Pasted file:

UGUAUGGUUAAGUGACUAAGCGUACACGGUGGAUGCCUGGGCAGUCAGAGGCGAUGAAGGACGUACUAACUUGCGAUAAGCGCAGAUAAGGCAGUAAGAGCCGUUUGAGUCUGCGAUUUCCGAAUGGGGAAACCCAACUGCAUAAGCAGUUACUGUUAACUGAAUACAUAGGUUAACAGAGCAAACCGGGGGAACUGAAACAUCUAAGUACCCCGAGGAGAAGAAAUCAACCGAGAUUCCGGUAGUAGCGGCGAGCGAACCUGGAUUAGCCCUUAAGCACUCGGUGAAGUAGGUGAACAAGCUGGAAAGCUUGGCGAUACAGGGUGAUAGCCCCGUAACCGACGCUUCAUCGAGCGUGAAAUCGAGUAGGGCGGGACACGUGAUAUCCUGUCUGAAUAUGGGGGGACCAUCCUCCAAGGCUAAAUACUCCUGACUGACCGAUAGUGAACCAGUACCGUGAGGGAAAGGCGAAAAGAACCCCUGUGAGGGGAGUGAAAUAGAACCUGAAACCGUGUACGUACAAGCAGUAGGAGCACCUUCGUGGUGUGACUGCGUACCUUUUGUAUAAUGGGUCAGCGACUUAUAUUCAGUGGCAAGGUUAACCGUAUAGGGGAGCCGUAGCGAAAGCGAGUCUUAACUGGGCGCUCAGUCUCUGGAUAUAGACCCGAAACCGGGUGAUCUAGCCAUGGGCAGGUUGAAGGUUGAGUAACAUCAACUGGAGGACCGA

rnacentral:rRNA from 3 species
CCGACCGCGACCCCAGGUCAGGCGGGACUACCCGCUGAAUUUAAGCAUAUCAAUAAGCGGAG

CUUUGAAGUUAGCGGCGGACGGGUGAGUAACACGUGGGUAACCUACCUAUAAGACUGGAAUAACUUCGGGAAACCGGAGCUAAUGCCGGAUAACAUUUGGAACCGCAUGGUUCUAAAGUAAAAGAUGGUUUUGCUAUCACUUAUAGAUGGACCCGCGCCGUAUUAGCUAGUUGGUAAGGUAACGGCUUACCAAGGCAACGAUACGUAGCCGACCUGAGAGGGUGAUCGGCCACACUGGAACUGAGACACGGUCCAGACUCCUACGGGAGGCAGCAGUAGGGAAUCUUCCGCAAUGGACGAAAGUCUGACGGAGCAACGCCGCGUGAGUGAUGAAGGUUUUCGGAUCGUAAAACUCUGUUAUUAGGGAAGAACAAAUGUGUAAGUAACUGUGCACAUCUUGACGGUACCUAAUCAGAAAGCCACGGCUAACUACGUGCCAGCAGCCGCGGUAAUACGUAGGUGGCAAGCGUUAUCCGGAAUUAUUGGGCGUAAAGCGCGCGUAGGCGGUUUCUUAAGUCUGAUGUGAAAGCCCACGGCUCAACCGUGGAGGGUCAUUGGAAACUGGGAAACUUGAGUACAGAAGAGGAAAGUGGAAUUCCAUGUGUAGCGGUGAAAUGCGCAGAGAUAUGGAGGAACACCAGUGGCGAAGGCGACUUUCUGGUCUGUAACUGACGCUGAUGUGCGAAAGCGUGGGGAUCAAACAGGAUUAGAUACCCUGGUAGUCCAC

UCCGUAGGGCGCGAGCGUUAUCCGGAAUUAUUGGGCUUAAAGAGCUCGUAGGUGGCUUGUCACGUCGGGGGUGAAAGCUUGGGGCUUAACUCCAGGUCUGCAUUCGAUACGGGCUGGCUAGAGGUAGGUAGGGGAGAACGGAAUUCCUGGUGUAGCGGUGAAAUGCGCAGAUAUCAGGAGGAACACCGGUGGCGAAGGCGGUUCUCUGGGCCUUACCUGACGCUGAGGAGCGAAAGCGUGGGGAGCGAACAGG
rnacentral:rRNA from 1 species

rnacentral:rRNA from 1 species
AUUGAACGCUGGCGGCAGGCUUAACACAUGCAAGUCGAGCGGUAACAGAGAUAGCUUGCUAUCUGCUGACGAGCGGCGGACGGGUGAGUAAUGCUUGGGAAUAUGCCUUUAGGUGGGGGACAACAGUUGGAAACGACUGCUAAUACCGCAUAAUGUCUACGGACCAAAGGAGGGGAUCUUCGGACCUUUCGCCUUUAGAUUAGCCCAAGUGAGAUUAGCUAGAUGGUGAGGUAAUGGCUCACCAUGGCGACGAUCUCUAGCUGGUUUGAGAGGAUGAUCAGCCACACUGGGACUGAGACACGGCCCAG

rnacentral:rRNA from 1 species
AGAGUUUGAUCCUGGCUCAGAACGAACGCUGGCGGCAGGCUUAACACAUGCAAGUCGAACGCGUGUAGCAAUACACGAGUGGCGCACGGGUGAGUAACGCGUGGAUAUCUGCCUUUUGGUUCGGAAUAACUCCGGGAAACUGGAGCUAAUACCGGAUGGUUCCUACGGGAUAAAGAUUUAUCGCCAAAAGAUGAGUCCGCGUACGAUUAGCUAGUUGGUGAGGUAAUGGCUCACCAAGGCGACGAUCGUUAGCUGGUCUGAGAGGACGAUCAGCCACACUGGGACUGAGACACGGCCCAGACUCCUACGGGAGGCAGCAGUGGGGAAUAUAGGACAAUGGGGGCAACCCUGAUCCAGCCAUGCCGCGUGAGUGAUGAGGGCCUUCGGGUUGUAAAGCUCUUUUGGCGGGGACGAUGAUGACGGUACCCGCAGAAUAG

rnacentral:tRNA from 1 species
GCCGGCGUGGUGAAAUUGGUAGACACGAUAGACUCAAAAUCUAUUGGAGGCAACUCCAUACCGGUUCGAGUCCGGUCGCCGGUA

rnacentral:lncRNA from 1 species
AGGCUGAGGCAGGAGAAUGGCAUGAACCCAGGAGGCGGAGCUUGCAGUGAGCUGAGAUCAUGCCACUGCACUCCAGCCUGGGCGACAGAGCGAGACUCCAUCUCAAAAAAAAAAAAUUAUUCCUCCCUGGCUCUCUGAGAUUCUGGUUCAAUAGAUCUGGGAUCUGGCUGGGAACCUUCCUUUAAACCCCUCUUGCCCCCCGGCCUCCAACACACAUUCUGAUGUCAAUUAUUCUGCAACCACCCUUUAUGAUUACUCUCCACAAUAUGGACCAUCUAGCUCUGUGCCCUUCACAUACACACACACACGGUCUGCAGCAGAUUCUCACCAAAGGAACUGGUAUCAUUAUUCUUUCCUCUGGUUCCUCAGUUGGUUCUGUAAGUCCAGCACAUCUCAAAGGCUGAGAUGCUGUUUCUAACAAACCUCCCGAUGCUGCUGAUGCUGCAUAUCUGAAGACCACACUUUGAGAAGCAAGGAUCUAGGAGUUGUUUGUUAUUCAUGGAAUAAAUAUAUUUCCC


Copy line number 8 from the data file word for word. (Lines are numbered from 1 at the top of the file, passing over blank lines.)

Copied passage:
AUUGAACGCUGGCGGCAGGCUUAACACAUGCAAGUCGAGCGGUAACAGAGAUAGCUUGCUAUCUGCUGACGAGCGGCGGACGGGUGAGUAAUGCUUGGGAAUAUGCCUUUAGGUGGGGGACAACAGUUGGAAACGACUGCUAAUACCGCAUAAUGUCUACGGACCAAAGGAGGGGAUCUUCGGACCUUUCGCCUUUAGAUUAGCCCAAGUGAGAUUAGCUAGAUGGUGAGGUAAUGGCUCACCAUGGCGACGAUCUCUAGCUGGUUUGAGAGGAUGAUCAGCCACACUGGGACUGAGACACGGCCCAG